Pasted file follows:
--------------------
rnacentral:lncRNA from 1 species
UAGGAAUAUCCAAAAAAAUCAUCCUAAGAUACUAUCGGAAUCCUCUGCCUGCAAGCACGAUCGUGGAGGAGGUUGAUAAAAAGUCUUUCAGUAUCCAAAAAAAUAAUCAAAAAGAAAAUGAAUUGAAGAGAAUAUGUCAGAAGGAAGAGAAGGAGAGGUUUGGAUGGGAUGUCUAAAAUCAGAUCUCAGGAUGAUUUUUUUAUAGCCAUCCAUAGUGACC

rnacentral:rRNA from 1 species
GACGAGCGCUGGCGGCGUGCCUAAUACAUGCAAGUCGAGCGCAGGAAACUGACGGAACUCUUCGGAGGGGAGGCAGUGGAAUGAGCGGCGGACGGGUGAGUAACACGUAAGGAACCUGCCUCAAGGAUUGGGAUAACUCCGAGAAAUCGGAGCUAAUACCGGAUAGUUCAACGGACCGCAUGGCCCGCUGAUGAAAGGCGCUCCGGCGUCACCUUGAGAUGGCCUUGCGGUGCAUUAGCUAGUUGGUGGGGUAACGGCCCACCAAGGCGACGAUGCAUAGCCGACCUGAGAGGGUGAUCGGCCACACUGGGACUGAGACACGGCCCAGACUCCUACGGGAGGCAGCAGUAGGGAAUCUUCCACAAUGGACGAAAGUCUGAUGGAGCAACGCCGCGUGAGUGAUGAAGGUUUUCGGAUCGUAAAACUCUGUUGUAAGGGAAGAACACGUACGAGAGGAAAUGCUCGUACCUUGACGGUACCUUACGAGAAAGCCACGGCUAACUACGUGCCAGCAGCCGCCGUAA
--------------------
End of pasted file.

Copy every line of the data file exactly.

rnacentral:lncRNA from 1 species
UAGGAAUAUCCAAAAAAAUCAUCCUAAGAUACUAUCGGAAUCCUCUGCCUGCAAGCACGAUCGUGGAGGAGGUUGAUAAAAAGUCUUUCAGUAUCCAAAAAAAUAAUCAAAAAGAAAAUGAAUUGAAGAGAAUAUGUCAGAAGGAAGAGAAGGAGAGGUUUGGAUGGGAUGUCUAAAAUCAGAUCUCAGGAUGAUUUUUUUAUAGCCAUCCAUAGUGACC

rnacentral:rRNA from 1 species
GACGAGCGCUGGCGGCGUGCCUAAUACAUGCAAGUCGAGCGCAGGAAACUGACGGAACUCUUCGGAGGGGAGGCAGUGGAAUGAGCGGCGGACGGGUGAGUAACACGUAAGGAACCUGCCUCAAGGAUUGGGAUAACUCCGAGAAAUCGGAGCUAAUACCGGAUAGUUCAACGGACCGCAUGGCCCGCUGAUGAAAGGCGCUCCGGCGUCACCUUGAGAUGGCCUUGCGGUGCAUUAGCUAGUUGGUGGGGUAACGGCCCACCAAGGCGACGAUGCAUAGCCGACCUGAGAGGGUGAUCGGCCACACUGGGACUGAGACACGGCCCAGACUCCUACGGGAGGCAGCAGUAGGGAAUCUUCCACAAUGGACGAAAGUCUGAUGGAGCAACGCCGCGUGAGUGAUGAAGGUUUUCGGAUCGUAAAACUCUGUUGUAAGGGAAGAACACGUACGAGAGGAAAUGCUCGUACCUUGACGGUACCUUACGAGAAAGCCACGGCUAACUACGUGCCAGCAGCCGCCGUAA